letters from dickinson to emily fowler ford

spring 1853

Dear Emily,

I come and see you a great many times every day, though I dont bring my body with me, so perhaps you dont know I'm there. But I love to come just as dearly, for nobody sees me then, and I sit and chat away, and look up in your face, and no matter who calls, if its "my Lord the King," he does'nt interrupt me. Let me say, dear Emily, both mean to come at a time, so you shall be very sure I am sitting by your side, and not have to trust the fancy.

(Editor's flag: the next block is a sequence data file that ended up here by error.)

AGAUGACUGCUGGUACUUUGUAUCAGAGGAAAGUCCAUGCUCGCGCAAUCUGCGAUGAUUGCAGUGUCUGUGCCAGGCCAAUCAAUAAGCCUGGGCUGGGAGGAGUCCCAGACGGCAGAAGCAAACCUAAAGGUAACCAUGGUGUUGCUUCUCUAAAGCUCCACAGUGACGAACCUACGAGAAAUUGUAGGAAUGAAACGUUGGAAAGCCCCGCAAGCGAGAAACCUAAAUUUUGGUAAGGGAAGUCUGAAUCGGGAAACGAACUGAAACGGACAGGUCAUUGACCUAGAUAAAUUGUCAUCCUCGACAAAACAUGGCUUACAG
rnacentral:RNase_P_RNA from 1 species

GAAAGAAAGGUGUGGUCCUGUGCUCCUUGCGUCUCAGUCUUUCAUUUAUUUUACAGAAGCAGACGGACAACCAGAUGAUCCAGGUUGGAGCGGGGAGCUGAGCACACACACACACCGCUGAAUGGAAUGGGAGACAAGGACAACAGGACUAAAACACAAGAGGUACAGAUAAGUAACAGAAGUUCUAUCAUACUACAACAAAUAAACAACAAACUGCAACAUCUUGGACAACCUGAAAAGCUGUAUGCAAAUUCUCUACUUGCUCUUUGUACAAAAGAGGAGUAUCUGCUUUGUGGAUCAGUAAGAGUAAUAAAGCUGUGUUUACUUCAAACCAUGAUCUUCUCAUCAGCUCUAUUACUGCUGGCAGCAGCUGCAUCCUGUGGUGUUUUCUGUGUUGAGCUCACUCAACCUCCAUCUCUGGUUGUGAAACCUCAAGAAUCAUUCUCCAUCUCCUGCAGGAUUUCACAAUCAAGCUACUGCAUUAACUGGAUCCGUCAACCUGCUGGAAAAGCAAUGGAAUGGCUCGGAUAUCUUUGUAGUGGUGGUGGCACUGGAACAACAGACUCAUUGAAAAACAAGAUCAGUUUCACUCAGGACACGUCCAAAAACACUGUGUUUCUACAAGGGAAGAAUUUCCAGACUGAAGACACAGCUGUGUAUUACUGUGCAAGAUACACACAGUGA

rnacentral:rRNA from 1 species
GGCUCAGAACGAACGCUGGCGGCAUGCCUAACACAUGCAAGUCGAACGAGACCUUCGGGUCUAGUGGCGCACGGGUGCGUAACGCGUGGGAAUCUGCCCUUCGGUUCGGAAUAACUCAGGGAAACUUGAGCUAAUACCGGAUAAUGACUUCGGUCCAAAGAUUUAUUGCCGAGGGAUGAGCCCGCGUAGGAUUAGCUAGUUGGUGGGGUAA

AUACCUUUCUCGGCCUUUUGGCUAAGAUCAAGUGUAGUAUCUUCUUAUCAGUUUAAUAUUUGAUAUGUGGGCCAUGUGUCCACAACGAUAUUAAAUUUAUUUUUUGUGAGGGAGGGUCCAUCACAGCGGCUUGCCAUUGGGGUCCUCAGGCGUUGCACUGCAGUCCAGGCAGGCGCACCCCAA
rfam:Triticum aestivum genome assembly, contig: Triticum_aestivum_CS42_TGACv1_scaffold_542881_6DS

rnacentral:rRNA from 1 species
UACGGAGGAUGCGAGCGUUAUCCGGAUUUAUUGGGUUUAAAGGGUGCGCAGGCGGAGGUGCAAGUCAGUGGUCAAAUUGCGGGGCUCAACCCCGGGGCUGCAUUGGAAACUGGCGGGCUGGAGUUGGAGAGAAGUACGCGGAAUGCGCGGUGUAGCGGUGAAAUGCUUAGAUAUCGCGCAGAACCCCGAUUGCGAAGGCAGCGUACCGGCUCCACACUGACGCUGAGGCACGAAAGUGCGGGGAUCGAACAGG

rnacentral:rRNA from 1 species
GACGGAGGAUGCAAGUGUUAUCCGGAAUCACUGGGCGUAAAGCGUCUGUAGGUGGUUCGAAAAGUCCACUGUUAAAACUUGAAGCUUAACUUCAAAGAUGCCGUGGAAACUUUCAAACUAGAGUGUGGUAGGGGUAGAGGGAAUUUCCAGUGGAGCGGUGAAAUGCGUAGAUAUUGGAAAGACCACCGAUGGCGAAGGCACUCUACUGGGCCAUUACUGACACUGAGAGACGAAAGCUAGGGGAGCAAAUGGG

I want very much to be with you a long while at a time, to talk as we used, "Lang Syne," and during this long spring I'm very sure I shall see you, and make up the winter's loss.

I hope you are better today, dear Emilie -

E -

thomas johnson's note on letter 111 | index to dickinson/ford letters

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Commentary copyright 1998 by Martha Nell Smith, all rights reserved
Maintained by Lara Vetter <lv26@umail.umd.edu>
Last updated on February 11, 1999